Tuesday, 1 September 2009

Times: Divorce debate must focus more on effects on children, PM insists


Tuesday, 1st September 2009 by Claudia Calleja

The divorce debate should focus more on the repercussions any decision may have on children born in a failed marriage, Prime Minister Lawrence Gonzi said.

The point of departure of such an important debate, he added, should be consensus that the family was the most important structure in Malta.

"We must recognise some families are under pressure caused by today's modern society. It is our duty in this debate to identify what is causing these pressures and any issues endangering the family structure," he said.

Dr Gonzi was speaking after he was presented with a report entitled For Worse, Not For Better, published by Proġett Impenn. It was issued in reply to another report by a think tank arguing for the introduction of divorce in the interest of those who want to remarry.

When Dr Gonzi was presented with the think tank's report last July his message was the same: to keep family values at the centre of the debate.

The report For Worse, For Better: Re-marriage After Legal Separation, compiled by The Today Public Policy Think Tank, concludes that divorce legislation has become an urgent necessity and laws to regularise cohabiting couples are no substitute.

The report by Proġett Impenn, which groups together the Diocesan Family Commission, Caritas Malta and the Cana Movement, argues the Church can never accept divorce because God's spiritual authority to unite people in marriage cannot be transferred to man to dissolve.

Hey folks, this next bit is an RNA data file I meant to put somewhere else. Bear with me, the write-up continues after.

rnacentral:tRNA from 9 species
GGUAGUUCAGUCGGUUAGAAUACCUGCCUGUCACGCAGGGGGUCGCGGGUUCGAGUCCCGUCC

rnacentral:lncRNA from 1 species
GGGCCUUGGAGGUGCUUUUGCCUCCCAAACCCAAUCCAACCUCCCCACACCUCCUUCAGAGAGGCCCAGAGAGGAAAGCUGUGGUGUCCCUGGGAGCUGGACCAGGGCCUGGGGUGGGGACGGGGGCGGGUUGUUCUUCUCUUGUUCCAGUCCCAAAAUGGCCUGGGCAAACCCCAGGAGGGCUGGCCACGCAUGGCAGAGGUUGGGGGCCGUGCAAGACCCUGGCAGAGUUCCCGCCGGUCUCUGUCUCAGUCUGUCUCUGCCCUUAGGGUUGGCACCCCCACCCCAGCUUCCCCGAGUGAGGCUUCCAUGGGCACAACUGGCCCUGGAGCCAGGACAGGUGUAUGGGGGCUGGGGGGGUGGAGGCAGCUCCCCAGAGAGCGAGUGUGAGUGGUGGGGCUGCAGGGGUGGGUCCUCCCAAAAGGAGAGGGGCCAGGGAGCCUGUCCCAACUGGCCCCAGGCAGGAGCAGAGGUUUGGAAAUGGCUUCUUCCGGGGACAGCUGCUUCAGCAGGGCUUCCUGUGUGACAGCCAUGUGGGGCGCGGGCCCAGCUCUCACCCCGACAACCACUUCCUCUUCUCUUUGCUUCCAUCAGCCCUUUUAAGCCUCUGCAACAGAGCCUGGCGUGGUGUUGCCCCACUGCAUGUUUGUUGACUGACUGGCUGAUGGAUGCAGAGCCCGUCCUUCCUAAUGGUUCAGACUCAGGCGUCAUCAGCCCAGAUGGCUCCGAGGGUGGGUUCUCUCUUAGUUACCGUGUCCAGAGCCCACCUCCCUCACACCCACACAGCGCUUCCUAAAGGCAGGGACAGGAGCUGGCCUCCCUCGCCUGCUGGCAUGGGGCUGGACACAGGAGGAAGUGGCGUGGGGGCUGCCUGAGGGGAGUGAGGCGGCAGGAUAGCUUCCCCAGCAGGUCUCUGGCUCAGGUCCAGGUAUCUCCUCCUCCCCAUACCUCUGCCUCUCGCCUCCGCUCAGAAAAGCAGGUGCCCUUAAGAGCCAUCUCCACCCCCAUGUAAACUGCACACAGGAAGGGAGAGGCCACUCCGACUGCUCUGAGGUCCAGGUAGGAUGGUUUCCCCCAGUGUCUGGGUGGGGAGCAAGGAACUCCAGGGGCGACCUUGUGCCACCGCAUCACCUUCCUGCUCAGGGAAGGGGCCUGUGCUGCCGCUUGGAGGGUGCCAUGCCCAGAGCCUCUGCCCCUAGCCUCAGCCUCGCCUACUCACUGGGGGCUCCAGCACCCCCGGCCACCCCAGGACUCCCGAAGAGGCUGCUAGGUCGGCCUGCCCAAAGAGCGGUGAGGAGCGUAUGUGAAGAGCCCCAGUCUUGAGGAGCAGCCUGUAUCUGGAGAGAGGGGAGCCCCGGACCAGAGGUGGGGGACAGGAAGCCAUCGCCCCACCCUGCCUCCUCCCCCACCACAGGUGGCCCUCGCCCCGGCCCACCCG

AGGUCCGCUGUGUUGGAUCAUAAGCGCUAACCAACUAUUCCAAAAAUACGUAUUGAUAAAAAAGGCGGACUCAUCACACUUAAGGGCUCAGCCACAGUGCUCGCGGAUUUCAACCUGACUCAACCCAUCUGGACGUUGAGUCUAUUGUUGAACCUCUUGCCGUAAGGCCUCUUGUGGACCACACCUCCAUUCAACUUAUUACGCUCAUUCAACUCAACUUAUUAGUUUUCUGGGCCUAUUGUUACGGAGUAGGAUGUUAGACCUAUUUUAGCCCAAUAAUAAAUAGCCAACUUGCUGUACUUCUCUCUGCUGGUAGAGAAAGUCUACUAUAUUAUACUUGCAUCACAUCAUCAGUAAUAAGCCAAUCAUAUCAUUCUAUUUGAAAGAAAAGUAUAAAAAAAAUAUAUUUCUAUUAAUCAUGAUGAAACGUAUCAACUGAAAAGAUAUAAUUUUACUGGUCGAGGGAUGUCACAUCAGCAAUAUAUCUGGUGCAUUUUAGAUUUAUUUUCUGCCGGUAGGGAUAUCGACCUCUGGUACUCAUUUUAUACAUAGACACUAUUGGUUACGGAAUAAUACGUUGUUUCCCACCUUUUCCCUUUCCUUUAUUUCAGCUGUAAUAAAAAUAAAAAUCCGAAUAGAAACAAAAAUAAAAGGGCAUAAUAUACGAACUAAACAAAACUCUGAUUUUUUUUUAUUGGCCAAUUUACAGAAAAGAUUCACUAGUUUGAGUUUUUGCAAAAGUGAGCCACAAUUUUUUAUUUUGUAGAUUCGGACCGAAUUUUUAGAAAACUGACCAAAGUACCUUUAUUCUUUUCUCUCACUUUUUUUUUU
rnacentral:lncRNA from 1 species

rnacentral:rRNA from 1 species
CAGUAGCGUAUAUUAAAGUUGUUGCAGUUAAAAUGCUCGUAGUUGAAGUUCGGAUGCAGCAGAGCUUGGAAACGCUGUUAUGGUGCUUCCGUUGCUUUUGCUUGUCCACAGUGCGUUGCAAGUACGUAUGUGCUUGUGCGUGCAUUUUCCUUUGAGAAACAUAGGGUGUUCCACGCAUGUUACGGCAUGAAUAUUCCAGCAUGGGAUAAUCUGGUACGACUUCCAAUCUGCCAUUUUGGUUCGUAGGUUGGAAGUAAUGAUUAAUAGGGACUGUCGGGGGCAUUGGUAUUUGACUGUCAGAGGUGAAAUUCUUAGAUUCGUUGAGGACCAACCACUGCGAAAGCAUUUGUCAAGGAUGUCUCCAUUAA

The Church said it was concerned that introducing divorce would lead to the breakdown of more marriages.

Mgr Charles Vella, founder of the Cana Movement, which prepares couples for marriage, does not share such fear. In an interview with The Sunday Times, he said that if marriages were strong then divorce did not pose a threat. He insisted the Church should focus on better preparing couples for marriage and dedicating more resources to the Cana Movement.

In 1995, there were 5,098 individuals in Malta whose marriage had been annulled, were divorced or became legally-separated. The total number of married individuals at that time stood at 181,875, meaning that those who were divorced or separated or had their marriage annulled amounted to about three per cent. By 2005, this figure had risen to 13,354 out of 195,523 married individuals, a proportion of seven per cent.

Discern, the Institute for Research on the Signs of the Times, is forecasting that the number of individuals who would be separated, divorced or have their marriage annulled in 2015 would amount to about 17 per cent of all married people.

[Click on the hyperlink above to view the comments on the Times'website.]


Times: PM presented with anti-divorce report


Monday, 31st August 2009 - 16:13CET

The debate on divorce should keep children and the repercussions that divorce could have on them in mind, Prime Minister Lawrence Gonzi said.

He was speaking this afternoon after he was presented with ProgettImpenn’s report on divorce “For worse not for better”.

ProgettImpenn came up with its report in reply to that which had been published by the Today Public Policy Institute.

Dr Gonzi told ProgettImpenn that a debate on this very delicate subject was very. Such a debate had to take into consideration that the family was Malta’s most important institution, he said.

Photo: Clodagh Farrugia O’Neill, DOI

[Click on the hyperlink above to view the comments on the Times' website.]

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